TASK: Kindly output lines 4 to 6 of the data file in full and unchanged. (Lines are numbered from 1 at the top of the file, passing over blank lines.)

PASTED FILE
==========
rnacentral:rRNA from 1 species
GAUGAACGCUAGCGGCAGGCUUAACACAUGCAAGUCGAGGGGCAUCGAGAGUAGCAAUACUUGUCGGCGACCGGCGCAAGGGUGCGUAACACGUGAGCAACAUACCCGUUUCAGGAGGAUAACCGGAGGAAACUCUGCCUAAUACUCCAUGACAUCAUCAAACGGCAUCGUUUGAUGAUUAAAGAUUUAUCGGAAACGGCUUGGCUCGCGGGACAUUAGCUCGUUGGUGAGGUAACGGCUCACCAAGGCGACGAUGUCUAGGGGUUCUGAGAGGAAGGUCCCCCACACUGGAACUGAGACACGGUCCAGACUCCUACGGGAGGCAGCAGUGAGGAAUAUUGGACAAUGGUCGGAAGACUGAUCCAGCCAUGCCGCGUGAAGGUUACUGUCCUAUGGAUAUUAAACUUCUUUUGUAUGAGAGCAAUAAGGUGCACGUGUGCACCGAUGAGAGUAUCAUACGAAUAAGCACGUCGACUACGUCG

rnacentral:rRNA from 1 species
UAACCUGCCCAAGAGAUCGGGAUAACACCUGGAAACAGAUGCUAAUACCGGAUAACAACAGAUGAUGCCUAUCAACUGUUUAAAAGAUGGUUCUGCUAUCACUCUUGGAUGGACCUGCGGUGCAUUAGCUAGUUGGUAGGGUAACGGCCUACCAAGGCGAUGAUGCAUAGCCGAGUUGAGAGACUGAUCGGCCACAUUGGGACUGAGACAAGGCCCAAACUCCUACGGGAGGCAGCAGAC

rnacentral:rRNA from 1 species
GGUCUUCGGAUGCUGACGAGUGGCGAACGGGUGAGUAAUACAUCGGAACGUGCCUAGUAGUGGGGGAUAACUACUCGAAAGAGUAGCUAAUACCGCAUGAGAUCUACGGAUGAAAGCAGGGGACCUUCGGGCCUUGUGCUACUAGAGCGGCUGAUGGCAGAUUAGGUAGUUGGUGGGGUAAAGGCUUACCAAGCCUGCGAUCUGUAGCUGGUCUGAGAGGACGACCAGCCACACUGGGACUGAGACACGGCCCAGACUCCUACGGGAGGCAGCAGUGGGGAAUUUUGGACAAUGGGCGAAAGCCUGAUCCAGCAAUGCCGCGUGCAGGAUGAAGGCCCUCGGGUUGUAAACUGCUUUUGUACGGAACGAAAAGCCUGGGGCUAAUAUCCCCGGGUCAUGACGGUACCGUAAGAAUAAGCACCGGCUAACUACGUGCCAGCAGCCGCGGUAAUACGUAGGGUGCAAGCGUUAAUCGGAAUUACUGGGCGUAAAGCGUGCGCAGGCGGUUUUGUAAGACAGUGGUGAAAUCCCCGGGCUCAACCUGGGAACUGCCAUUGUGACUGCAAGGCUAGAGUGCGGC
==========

UAACCUGCCCAAGAGAUCGGGAUAACACCUGGAAACAGAUGCUAAUACCGGAUAACAACAGAUGAUGCCUAUCAACUGUUUAAAAGAUGGUUCUGCUAUCACUCUUGGAUGGACCUGCGGUGCAUUAGCUAGUUGGUAGGGUAACGGCCUACCAAGGCGAUGAUGCAUAGCCGAGUUGAGAGACUGAUCGGCCACAUUGGGACUGAGACAAGGCCCAAACUCCUACGGGAGGCAGCAGAC

rnacentral:rRNA from 1 species
GGUCUUCGGAUGCUGACGAGUGGCGAACGGGUGAGUAAUACAUCGGAACGUGCCUAGUAGUGGGGGAUAACUACUCGAAAGAGUAGCUAAUACCGCAUGAGAUCUACGGAUGAAAGCAGGGGACCUUCGGGCCUUGUGCUACUAGAGCGGCUGAUGGCAGAUUAGGUAGUUGGUGGGGUAAAGGCUUACCAAGCCUGCGAUCUGUAGCUGGUCUGAGAGGACGACCAGCCACACUGGGACUGAGACACGGCCCAGACUCCUACGGGAGGCAGCAGUGGGGAAUUUUGGACAAUGGGCGAAAGCCUGAUCCAGCAAUGCCGCGUGCAGGAUGAAGGCCCUCGGGUUGUAAACUGCUUUUGUACGGAACGAAAAGCCUGGGGCUAAUAUCCCCGGGUCAUGACGGUACCGUAAGAAUAAGCACCGGCUAACUACGUGCCAGCAGCCGCGGUAAUACGUAGGGUGCAAGCGUUAAUCGGAAUUACUGGGCGUAAAGCGUGCGCAGGCGGUUUUGUAAGACAGUGGUGAAAUCCCCGGGCUCAACCUGGGAACUGCCAUUGUGACUGCAAGGCUAGAGUGCGGC